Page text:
A Homecoming Honor

Jan. 20, 2012

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BY BRIAN RICE
UTSports.com

KNOXVILLE, Tenn. -- From his time at Tennessee 16 years ago to his current spot in the New York Mets' starting rotation, R.A. Dickey's baseball journey has led him all around the country. His journey back to Knoxville to be inducted in the Tennessee Baseball Hall of Fame seemed like it took almost as long.

On Wednesday, Dickey made his first trip back to Knoxville since 1998 - a period he admitted was "embarrassingly too long" - less than 24 hours after landing back in the United States and his home in Nashville from a venture to the top of Mount Kilimanjaro.

Dickey made the climb to benefit Bombay Teen Challenge, helping raise over $100,000 for the organization, which works to increase awareness and assists victims of sex trafficking in India.

Much like his trip to the peak of the mountain was done as a selfless act to benefit a larger cause, Dickey was quick to give others the credit for his Hall of Fame honor.

"It's really nice to be recognized as a great player at Tennessee," Dickey said, "but at the same time, I'm certainly aware that I am no more than the product of people that poured into me well and loved on me well while I was here, two of them being Bill Mosiello and Dave Serrano. I think whatever level of talent I brought into UT from high school, they cultivated it into this honor. It is as much their award as it is mine."

Mosiello and Serrano both coached Dickey during his time at UT, and have reunited this season in Knoxville, Serrano's first as Tennessee head coach. But Serrano wasn't interested in taking credit for Dickey's honor.

"That's R.A.," Serrano said. "I appreciate his humility, but he's well-deserving and it's well overdue."

During the induction ceremony on Wednesday, Dickey recalled one of his biggest moments at Tennessee. A video montage, complete with Mike Keith and John Wilkerson's call, showed the final pitch of Dickey's 11-inning performance against Oklahoma State in that clinched the Vols' first trip to the College World Series since 1951.

"Dave (Serrano) said something up here that was really profound, `Win the next pitch,'" Dickey said, referencing Serrano's motto for the 2012 Vols. "I was so invested in every pitch, that's all I cared about. How can I live the next two minutes well? How can I perform with this pitch, and when that's over, that's where I was."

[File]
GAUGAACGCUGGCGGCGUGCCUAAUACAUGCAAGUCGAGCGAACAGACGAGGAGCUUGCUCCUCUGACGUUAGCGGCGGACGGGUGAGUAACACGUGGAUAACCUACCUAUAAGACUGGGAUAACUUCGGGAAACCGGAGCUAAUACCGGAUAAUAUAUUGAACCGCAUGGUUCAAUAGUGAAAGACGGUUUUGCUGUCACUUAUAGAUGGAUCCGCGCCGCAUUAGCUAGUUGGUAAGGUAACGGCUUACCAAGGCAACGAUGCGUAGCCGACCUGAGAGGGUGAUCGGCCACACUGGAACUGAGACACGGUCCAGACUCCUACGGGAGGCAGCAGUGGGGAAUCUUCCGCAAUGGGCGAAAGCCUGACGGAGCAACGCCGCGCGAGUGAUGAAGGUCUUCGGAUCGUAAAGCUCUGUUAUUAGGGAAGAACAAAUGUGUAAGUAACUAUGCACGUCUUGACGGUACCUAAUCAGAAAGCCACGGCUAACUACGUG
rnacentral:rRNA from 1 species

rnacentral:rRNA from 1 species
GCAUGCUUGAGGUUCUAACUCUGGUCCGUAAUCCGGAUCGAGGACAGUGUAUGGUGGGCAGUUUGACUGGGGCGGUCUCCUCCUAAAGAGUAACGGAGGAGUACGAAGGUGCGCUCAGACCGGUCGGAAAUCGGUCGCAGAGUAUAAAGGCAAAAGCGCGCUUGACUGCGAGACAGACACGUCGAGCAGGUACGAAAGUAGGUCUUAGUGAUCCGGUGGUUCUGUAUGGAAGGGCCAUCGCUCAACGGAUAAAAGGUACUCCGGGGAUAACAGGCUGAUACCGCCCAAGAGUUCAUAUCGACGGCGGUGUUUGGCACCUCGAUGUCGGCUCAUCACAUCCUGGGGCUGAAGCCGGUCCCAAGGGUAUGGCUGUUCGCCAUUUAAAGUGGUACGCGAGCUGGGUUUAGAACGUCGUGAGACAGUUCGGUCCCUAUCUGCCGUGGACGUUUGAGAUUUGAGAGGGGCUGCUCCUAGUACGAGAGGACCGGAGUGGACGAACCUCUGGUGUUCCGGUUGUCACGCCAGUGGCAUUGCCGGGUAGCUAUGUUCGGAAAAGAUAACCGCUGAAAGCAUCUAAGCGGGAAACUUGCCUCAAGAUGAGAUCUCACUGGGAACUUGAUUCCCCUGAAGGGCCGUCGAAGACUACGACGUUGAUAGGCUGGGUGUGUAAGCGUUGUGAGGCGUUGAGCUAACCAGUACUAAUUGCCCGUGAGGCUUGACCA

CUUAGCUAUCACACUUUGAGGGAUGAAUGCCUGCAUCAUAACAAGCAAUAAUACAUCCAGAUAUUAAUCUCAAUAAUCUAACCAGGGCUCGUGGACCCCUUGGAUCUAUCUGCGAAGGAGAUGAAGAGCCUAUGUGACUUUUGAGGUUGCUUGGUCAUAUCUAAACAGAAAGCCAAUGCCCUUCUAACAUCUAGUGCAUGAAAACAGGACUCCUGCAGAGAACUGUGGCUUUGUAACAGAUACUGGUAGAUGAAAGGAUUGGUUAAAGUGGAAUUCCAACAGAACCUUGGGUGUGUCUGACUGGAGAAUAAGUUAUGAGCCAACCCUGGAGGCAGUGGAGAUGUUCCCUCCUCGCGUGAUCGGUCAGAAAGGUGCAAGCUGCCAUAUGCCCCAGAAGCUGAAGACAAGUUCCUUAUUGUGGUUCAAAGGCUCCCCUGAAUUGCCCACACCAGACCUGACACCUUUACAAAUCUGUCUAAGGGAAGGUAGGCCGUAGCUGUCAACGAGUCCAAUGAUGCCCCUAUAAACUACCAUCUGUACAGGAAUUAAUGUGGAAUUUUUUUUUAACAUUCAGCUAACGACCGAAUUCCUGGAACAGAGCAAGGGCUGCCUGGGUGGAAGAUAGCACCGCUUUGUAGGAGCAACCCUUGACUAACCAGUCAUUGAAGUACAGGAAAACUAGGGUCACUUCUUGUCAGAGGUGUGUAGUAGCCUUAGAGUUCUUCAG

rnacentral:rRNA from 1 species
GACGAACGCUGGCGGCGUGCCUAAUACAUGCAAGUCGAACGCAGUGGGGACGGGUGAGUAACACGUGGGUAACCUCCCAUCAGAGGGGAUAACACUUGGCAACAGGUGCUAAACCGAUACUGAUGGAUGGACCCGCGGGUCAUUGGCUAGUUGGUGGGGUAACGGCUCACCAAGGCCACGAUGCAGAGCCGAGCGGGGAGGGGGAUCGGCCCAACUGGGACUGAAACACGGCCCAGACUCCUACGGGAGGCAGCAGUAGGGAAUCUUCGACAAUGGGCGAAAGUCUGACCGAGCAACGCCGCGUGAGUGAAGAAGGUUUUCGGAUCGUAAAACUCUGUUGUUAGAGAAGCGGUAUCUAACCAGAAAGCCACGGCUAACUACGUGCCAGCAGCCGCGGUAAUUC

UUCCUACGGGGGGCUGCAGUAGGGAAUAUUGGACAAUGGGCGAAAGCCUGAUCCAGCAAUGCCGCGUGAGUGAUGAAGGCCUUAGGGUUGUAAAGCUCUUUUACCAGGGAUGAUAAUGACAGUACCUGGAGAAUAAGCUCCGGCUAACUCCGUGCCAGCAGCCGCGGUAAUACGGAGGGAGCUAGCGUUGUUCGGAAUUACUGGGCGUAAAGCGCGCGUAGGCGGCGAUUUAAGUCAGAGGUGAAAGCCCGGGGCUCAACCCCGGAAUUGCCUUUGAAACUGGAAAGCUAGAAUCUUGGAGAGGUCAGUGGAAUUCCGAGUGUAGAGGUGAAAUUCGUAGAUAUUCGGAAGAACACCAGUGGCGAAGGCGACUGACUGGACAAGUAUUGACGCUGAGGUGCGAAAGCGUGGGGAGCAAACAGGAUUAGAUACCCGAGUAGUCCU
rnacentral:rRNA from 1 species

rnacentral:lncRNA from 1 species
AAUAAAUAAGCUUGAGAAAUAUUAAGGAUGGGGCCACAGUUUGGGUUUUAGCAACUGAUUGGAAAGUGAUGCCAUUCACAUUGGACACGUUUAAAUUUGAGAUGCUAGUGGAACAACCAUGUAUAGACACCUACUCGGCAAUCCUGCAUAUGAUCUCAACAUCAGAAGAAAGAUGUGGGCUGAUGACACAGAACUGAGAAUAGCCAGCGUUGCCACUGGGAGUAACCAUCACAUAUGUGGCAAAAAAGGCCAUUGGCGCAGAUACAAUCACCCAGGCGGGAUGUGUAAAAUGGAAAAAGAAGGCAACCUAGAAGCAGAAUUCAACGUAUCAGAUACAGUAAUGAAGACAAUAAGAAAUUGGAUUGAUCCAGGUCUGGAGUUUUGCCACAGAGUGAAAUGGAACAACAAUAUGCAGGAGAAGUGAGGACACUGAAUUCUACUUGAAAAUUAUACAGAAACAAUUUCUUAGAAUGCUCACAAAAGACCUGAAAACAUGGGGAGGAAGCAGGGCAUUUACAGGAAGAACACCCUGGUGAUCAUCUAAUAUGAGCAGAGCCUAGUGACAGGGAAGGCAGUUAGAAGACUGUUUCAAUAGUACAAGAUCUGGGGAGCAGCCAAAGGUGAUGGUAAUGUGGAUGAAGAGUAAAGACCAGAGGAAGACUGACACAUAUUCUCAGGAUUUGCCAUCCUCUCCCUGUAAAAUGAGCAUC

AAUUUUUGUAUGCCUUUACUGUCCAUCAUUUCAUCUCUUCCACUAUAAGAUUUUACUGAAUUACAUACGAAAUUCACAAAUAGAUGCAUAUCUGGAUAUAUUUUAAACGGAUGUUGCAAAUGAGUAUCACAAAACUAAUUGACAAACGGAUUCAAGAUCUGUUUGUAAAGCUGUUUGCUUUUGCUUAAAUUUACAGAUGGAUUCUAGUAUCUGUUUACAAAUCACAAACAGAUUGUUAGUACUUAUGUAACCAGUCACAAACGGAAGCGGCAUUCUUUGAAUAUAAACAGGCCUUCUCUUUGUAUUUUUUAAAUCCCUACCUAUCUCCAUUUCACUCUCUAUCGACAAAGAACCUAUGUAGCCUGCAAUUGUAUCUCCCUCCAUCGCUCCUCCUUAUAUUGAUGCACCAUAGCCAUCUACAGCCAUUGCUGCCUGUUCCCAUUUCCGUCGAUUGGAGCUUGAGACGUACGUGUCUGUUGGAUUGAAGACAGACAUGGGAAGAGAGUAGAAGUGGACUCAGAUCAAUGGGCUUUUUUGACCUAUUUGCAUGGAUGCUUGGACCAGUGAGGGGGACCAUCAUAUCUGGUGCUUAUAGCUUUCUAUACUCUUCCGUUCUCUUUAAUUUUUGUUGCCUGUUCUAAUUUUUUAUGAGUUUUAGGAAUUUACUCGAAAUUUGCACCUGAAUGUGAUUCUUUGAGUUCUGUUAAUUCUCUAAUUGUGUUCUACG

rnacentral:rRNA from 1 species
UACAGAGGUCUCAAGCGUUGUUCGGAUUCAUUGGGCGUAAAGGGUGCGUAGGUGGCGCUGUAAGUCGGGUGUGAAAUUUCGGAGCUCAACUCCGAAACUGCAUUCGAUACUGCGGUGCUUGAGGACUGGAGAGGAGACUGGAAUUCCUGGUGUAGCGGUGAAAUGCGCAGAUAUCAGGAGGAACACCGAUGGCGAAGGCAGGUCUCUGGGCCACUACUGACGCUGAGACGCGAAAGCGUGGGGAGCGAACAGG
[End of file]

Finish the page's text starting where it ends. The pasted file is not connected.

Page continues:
Focusing on the next pitch is something that has allowed the 37-year old Dickey to go on as a professional pitcher, despite challenges and changes in his career.

A first-round draft pick in 1996, Dickey made his Major League debut in 2001. But after finishing with a 6-7 record and a 5.61 ERA in 2004, he appeared in just 10 games over the next two seasons and was out of the majors in 2007.

That season, spent in his hometown of Nashville with the Triple-A Sounds of the Milwaukee Brewers organization, was different for another reason - Dickey reinvented himself as a knuckleball pitcher.

Earlier in his career, Dickey was a hard-throwing, power pitcher, mixing in a forkball that moved significantly. With the velocity on his fastball slowing down, turning his forkball into a knuckleball held the possibility of one more shot in the big leagues.

"Having the aptitude to own the things you don't do well and try to recognize that and get better from them has been a big deal in my career," Dickey said. "Self-awareness has been a part in that, being able to realize that being a conventional pitcher no longer was going to work for me, so I really had to embrace the knuckleball completely."

His pursuit of the knuckleball led Dickey to consult with some of the most successful players to ever utilize the pitch at the highest level.

"I went and worked with Charlie Hough, Phil Neikro and Tim Wakefield, three of the best knuckleballers to ever walk the planet," he said. "I tried to gain any wisdom I could from those guys, and they were very generous with it. It's another situation where guys leveraged themselves to help me, and I'm incredibly grateful for that."

The transformation impressed many in the game, including former Phillies and Red Sox manager Terry Francona, who worked with Dickey while both were with the Texas Rangers organization in the early 2000s and went on to manage Wakefield for eight years in Boston.

"I knew R.A. from my days in Texas, and you're not going to find a nicer kid," Francona said. "It's a great story. He's persevered through arm injuries, he's been a knuckleballer, a regular pitcher, and he's found a way to be really good.

"I think it comes back to the old adage, good things happen to good people."

 

 

 

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